Good Tuesday morning.
It’s Election Day in Jacksonville
The electoral stakes are relatively low in the upcoming Jacksonville City Council Special Election for the seat vacated last year by the death of Tommy Hazouri.
Whether the winner is Republican Nick Howland or Democrat Tracye Polson, Republicans will still have supermajority control of the Council.
Yet for both sides of the aisle, this off-off-year election to fill one of 19 Council seats — for a little more than a year — has drawn significant interest from statewide players.
Gov. Ron DeSantis endorsed Howland, recording an eleventh-hour robocall for his campaign. In it, the Governor warns that Polson would “defund the police,” … an accusation Polson has challenged throughout the campaign. DeSantis weighed in after potential 2022 opponents Rep. Charlie Crist, Agriculture Commissioner Nikki Fried, and state Sen. Annette Taddeo came to town to campaign for Polson.
How will these statewide endorsements affect tonight’s outcome? For Democrat Polson, there may have been a boost in Early Voting.
By the end of Sunday — with the traditional “souls to the polls” outreach, which typically sees a Democratic voter push from Black churches — Democrats made up 47% of the turnout; Republicans were at 42%, and NPA and third-party voters made up the balance.
This election offers a unique opportunity for all gubernatorial candidates as the only citywide election between now and the August primary. However, the outcome could be more critical to DeSantis than his Democratic challengers.
Four years ago, DeSantis lost Duval County to Democrat Andrew Gillum, a precursor of the county going blue in 2020 and rejecting Donald Trump‘s re-election. Going into 2022, DeSantis would love to flip Duval; despite it being D+5 in registration down-ballot, Republicans still perform well.
Tuesday’s results in Duval are especially — worth watching as a test of where Republican branding stands with Jacksonville voters ahead of the 2022 General Election. The Governor’s endorsement suggests confidence in a Republican victory, as DeSantis positions himself to take credit for the win.
The 40th day of the 2022 Legislative Session has come and gone. Per the House and Senate rulebooks, which means many bills are, as Miracle Max would put it, mostly dead.
According to Senate rules, a bill (or its House companion) must be heard and approved by at least one committee to be considered by the full chamber. That rule can only be waived by unanimous vote by the full Senate.
Therein lies the significance of the 40th day. Under House Rule 7.15(b), lawmakers are no longer allowed to keep bills on life support via “reconsideration,” which allows committee members to keep a bill around that doesn’t appear to have enough support for passage.
Most House committees have already wrapped up their work for Session, and come Day 50, all Senate committees other than the Rules Committee are prohibited from holding a meeting. That makes for a bundle of mostly dead bills.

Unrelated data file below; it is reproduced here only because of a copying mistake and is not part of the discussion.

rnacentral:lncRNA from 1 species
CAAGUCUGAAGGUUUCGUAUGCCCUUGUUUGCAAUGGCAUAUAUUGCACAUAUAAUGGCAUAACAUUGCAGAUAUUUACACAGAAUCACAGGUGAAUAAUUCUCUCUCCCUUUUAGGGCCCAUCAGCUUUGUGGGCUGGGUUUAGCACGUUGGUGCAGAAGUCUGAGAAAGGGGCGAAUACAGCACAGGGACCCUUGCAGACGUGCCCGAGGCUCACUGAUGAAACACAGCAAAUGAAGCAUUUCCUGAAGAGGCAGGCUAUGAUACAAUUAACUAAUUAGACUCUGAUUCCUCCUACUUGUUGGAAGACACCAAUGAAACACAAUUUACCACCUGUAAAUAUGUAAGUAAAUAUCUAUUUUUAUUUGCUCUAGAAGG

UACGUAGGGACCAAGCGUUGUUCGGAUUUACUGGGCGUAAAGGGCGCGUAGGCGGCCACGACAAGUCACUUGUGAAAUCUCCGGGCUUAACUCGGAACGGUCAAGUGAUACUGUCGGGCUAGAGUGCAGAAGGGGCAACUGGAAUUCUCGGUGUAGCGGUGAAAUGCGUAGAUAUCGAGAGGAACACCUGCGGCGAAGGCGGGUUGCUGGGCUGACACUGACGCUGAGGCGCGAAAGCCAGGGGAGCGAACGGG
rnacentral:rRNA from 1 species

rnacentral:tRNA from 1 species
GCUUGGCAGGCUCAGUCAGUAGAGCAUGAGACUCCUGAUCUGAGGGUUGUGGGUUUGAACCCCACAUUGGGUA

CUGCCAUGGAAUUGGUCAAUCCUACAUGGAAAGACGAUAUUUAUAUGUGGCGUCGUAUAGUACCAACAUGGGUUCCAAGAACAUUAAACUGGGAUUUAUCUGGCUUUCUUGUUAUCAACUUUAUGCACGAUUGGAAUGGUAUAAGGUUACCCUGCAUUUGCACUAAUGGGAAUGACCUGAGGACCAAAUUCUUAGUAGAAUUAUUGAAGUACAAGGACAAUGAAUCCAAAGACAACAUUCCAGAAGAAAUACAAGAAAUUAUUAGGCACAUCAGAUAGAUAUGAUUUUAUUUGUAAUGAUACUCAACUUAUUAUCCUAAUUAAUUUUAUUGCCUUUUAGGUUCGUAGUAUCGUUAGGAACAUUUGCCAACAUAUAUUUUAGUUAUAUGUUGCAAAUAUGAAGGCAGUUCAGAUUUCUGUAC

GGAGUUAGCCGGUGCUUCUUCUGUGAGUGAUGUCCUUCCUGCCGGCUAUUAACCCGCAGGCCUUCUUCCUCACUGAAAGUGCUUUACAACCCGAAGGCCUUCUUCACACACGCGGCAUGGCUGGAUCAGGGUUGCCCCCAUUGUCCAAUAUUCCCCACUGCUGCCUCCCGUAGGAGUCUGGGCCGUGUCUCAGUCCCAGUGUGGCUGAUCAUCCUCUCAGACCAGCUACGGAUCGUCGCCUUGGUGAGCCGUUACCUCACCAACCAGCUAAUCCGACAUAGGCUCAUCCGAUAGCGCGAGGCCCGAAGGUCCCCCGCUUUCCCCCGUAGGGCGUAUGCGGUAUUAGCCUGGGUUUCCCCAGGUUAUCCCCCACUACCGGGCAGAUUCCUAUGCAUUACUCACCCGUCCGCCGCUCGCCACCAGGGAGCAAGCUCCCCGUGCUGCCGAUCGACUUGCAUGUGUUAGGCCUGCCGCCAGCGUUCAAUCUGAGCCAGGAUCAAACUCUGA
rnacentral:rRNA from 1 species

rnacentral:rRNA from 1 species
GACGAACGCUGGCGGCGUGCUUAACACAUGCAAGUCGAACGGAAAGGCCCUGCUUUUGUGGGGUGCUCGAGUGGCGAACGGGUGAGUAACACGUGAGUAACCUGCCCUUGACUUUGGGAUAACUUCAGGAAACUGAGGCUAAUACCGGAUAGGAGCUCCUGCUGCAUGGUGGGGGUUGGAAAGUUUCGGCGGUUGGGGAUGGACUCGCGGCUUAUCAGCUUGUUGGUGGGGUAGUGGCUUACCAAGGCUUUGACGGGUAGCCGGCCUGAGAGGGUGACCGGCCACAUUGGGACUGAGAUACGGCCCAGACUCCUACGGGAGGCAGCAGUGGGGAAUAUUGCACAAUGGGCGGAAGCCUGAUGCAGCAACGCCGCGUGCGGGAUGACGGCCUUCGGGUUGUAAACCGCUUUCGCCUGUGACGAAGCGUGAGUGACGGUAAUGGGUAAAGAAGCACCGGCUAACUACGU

Of course, mostly dead doesn’t mean dead — it means slightly alive. That’s because the Senate President is still the ultimate judge. Among his powers: waiving the rule blocking committees from meeting.
Contentious bills setting up a 15-week abortion ban and restricting discussions of gender identity and sexual orientation in schools are expected to clear the Legislature this week, but a new poll shows Florida voters would rather lawmakers ditch both proposals.
The Public Opinion Research Lab at the University of North Florida asked Florida voters whether they supported the abortion ban or the so-called “Don’t Say Gay” bill and found both underwater — even when using phrasing that painted them in the best light.
Opposition to the abortion ban measured in at 57%. Half those polled were asked about the ban without being told there was no exception for rape or incest. Voters who heard that version of the question were against the bill 55-34%. Opposition climbed to 60% among voters informed of the lack of a carveout.
“Opposition to the abortion ban was five points higher with the ‘no exceptions’ version, but the fact that the responses weren’t terribly different speaks to the highly partisan and emotional nature of the abortion debate,” said Dr. Michael Binder, PORL faculty director and a UNF political science professor. “People tend to know where they stand on the issue and question-wording doesn’t change very many peoples’ minds.”
On the bill regarding school discussions of sexual orientation and gender identity, just under half of the voters (49%) opposed them compared to 40% who said they favored the bill.
“Support for the so-called ‘Don’t Say Gay’ bill is only about 40%, despite it being passed in the state Senate last week,” Binder said. “When we break it down by party registration, we see 54% of Republicans supporting the bill, which is more in line with Florida’s Republican-controlled legislature.”
The UNF poll was conducted Feb. 7-20 via a mixture of cellphone and landline numbers. It has a sample size of 685 registered voters and a margin of error of plus or minus 3.74 percentage points.
The Southern Group was once again the top-earning lobbying firm in Florida last quarter, new compensation reports show.
Between Oct. 1 and Dec. 31, the firm reported nearly $5.9 million in earnings. The haul includes $3.4 million earned lobbying the Legislature and $2.5 million lobbying the Governor, Cabinet and state agencies.